Plus, if Michelangelo did intend to depict a brain, the composition of the Adam scene well supports the idea of divine intellect (and the humanistic ideal of Man's potential – especially with Adam mirroring the pose of God).

    And e, I don't know if I really like the theory too much, either. But yeah, it's fun to think about!

  • M says:

    I'm glad that you brought up the point about context, heidenkind. Yeah, I don't think that context was considered very much in this analysis…if at all!

    And I love that the soon-to-be-PhD-candidate mentioned that grad school warps your mind! Ha! Get psyched for your future mind warpings! 🙂

  • Todd Camplin says:

    He was known to cut up a few bodies to study in his day. And the symbolism of God and brain in one image would crack open all kinds of scholarship on Michelangelo's ideas on God.

  • M says:

    Thanks for your comment, Todd Camplin (and welcome to my blog!). Yes, if this image (and the possible cross-section of a brain in the Creation of Adam scene) really do depict brains, it does open the door for a lot of speculation on Michelangelo's thoughts regarding God, religion, the human brain, human intellect, etc.

    If anyone is interested in learning about the possible brain imagery for the Creation of Adam scene, the first theory was printed in 1990 by Frank Meshberger. This physician published a paper in the Journal of the American Medical Association, arguing that the scene depicts the cross-section of a brain. A copy of this article (reprinted in another publication) is available online here.

    And thank you for including that link, The Ancient! I have seen that virtual tour once before, but it's nice to have that link saved on my site for future reference. Isn't it fun to see the Sistine Chapel in such great detail?

  • IMT says:

    Great article

    I read somewhere, in Edgar Wind I think, that the woman God has his arm around in the 'Creation of Adam' could be Eve. In other words, Eve and other figures could be seen as thoughts in the 'brain', or mind of God. Adam, now no longer a thought, has become reality. I find this mix of theology, neuroanatomy and art fascinating, but it's difficult to frame in an art history context.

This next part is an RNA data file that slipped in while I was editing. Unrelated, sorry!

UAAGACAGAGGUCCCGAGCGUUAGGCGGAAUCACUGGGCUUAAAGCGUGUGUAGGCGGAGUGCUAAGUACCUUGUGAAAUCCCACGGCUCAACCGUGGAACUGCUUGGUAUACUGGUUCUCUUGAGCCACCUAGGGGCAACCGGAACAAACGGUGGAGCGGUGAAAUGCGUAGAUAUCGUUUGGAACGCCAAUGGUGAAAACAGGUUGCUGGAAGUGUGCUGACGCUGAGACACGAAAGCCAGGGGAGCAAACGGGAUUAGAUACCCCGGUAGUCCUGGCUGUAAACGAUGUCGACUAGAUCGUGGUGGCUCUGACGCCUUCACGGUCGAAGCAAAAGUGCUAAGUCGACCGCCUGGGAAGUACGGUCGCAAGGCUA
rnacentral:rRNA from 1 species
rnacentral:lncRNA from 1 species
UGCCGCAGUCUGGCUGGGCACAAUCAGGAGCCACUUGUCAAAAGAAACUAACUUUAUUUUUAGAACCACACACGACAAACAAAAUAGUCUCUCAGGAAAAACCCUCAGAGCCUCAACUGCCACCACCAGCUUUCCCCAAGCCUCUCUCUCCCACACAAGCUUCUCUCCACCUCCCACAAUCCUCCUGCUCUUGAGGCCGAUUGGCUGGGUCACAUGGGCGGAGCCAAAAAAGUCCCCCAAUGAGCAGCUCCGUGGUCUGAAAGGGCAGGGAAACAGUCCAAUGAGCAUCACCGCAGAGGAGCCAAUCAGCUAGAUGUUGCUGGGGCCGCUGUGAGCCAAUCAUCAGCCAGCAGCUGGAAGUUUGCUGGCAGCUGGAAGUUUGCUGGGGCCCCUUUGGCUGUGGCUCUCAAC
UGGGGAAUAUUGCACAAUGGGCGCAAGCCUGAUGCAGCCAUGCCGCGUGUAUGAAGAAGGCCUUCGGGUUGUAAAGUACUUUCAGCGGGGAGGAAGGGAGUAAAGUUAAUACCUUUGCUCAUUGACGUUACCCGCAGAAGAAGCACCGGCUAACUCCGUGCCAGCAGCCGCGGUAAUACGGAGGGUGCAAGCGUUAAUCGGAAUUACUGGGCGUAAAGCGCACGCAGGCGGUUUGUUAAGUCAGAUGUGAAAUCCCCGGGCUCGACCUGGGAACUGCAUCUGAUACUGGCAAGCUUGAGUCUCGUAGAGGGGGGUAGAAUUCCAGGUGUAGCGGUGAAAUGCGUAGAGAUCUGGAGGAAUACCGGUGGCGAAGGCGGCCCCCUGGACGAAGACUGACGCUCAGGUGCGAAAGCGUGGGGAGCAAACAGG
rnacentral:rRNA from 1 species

I suspect that Michelangelo scholars will consider the reading of God's brainstem about as plausible as the view that Dante's profile can be made out in the 'Last Judgment'

    There was a book on Michelangelo called 'Hidden Messages'. Has anybody read it?

    David- Art History Today

  • M says:

    Thanks for your comment, David. I also have read speculations that the woman in the painting is Eve (or Mary). I haven't read the "Hidden Secrets" by Rabbi Benjamin Blech, and I have to admit, I'm a little skeptical. Connections between Michelangelo and Judaism seem a little far-fetched to me, and I worry that the book might be a little Dan Brown-esque. However, I'd like to hear if any art historians have read this book. From what I have seen on Goodreads, people tend to either hate or love it.

  • ixoj says:

    Perhaps it would look more like a brain if we were all neurologists. I think I'm convinced. It makes sense to me that Michelangelo would want to sneak some evidence of his knowledge of internal anatomy…where better than God's neck?

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This blog focuses on making Western art history accessible and interesting to all types of audiences: art historians, students, and anyone else who is curious about art. Alberti’s Window is maintained by Monica Bowen, an art historian and professor.